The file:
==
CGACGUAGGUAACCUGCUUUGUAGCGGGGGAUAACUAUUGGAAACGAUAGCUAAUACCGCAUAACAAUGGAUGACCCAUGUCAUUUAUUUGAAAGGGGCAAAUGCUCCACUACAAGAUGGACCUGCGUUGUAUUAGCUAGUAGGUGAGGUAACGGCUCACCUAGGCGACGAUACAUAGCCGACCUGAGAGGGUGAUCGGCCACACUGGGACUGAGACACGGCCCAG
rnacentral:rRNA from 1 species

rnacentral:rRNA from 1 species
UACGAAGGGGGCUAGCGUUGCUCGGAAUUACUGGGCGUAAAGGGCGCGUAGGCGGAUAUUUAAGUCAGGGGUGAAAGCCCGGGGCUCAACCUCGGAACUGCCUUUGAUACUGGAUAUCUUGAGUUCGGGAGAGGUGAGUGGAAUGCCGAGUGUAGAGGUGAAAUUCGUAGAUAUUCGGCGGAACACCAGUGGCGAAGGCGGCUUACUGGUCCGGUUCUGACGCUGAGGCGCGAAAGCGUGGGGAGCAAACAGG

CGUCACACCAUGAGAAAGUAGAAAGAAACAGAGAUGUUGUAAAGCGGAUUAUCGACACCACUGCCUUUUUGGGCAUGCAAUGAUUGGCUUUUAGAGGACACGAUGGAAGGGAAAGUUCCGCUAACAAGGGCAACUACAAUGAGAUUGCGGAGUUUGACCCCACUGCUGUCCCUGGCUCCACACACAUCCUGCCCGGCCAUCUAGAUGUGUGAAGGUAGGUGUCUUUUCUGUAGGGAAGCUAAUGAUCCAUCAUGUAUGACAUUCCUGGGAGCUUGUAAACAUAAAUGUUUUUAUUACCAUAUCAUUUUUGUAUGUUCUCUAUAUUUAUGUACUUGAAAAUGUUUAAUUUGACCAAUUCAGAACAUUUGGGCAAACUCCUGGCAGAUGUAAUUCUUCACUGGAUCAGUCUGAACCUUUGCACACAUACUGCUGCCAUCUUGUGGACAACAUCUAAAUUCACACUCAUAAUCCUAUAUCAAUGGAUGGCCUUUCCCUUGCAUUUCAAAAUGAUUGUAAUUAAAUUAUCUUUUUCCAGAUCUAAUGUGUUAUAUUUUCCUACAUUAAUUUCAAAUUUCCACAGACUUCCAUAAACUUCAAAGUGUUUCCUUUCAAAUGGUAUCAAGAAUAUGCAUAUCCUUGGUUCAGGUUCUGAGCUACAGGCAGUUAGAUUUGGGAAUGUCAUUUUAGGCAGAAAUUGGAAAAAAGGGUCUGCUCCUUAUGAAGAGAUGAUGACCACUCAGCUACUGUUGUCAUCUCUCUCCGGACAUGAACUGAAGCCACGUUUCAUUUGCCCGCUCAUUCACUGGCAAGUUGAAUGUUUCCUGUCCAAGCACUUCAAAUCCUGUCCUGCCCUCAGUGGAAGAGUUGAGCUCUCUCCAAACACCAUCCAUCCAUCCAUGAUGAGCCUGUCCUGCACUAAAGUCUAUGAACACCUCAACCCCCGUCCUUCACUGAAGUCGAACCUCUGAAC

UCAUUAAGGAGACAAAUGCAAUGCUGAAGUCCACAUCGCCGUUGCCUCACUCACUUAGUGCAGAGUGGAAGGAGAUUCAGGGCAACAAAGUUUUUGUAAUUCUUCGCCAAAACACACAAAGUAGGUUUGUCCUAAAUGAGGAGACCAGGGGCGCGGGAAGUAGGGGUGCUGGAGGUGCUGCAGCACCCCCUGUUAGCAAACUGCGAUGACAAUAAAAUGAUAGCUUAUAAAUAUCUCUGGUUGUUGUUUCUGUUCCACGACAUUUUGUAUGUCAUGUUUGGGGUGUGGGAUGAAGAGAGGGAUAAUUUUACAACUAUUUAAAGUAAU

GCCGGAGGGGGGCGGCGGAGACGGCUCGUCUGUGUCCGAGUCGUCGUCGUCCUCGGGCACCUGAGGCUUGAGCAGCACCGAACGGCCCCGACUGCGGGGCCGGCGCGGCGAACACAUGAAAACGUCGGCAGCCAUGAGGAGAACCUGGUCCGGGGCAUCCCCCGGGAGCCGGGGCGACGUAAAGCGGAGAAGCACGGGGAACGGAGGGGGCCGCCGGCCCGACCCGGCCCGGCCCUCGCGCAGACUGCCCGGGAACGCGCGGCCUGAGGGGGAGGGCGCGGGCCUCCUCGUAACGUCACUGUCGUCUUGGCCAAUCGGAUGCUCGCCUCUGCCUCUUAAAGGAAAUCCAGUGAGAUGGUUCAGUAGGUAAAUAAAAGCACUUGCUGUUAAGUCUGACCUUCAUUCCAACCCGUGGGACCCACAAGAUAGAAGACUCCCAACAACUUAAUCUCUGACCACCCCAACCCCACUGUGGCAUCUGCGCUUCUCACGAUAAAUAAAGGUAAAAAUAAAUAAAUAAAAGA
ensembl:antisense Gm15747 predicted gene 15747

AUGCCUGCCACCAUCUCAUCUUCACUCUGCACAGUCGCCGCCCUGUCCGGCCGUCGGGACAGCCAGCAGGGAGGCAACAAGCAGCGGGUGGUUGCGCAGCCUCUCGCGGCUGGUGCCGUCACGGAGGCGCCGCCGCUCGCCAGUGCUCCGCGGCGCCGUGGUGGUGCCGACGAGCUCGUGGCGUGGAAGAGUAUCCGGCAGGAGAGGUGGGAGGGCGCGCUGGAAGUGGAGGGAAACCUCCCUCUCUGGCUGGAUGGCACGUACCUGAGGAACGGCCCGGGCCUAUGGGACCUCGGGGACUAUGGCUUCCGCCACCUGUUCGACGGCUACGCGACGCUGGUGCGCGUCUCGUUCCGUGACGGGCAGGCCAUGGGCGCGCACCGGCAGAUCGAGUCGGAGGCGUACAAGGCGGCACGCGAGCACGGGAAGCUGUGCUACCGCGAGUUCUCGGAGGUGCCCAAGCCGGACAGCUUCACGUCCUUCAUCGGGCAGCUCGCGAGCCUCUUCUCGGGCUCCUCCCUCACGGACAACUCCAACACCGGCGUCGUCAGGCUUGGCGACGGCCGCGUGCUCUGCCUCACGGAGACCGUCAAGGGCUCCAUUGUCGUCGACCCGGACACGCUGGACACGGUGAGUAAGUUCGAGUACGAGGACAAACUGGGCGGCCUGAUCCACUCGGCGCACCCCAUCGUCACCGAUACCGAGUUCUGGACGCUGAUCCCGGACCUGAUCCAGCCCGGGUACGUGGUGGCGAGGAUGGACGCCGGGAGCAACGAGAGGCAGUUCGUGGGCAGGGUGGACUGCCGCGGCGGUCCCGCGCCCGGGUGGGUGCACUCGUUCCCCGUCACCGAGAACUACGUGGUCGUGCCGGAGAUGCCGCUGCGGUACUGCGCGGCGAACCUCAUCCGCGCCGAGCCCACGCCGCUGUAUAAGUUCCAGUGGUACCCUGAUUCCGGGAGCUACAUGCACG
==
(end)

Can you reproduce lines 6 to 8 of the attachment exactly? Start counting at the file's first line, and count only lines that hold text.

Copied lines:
UCAUUAAGGAGACAAAUGCAAUGCUGAAGUCCACAUCGCCGUUGCCUCACUCACUUAGUGCAGAGUGGAAGGAGAUUCAGGGCAACAAAGUUUUUGUAAUUCUUCGCCAAAACACACAAAGUAGGUUUGUCCUAAAUGAGGAGACCAGGGGCGCGGGAAGUAGGGGUGCUGGAGGUGCUGCAGCACCCCCUGUUAGCAAACUGCGAUGACAAUAAAAUGAUAGCUUAUAAAUAUCUCUGGUUGUUGUUUCUGUUCCACGACAUUUUGUAUGUCAUGUUUGGGGUGUGGGAUGAAGAGAGGGAUAAUUUUACAACUAUUUAAAGUAAU

GCCGGAGGGGGGCGGCGGAGACGGCUCGUCUGUGUCCGAGUCGUCGUCGUCCUCGGGCACCUGAGGCUUGAGCAGCACCGAACGGCCCCGACUGCGGGGCCGGCGCGGCGAACACAUGAAAACGUCGGCAGCCAUGAGGAGAACCUGGUCCGGGGCAUCCCCCGGGAGCCGGGGCGACGUAAAGCGGAGAAGCACGGGGAACGGAGGGGGCCGCCGGCCCGACCCGGCCCGGCCCUCGCGCAGACUGCCCGGGAACGCGCGGCCUGAGGGGGAGGGCGCGGGCCUCCUCGUAACGUCACUGUCGUCUUGGCCAAUCGGAUGCUCGCCUCUGCCUCUUAAAGGAAAUCCAGUGAGAUGGUUCAGUAGGUAAAUAAAAGCACUUGCUGUUAAGUCUGACCUUCAUUCCAACCCGUGGGACCCACAAGAUAGAAGACUCCCAACAACUUAAUCUCUGACCACCCCAACCCCACUGUGGCAUCUGCGCUUCUCACGAUAAAUAAAGGUAAAAAUAAAUAAAUAAAAGA
ensembl:antisense Gm15747 predicted gene 15747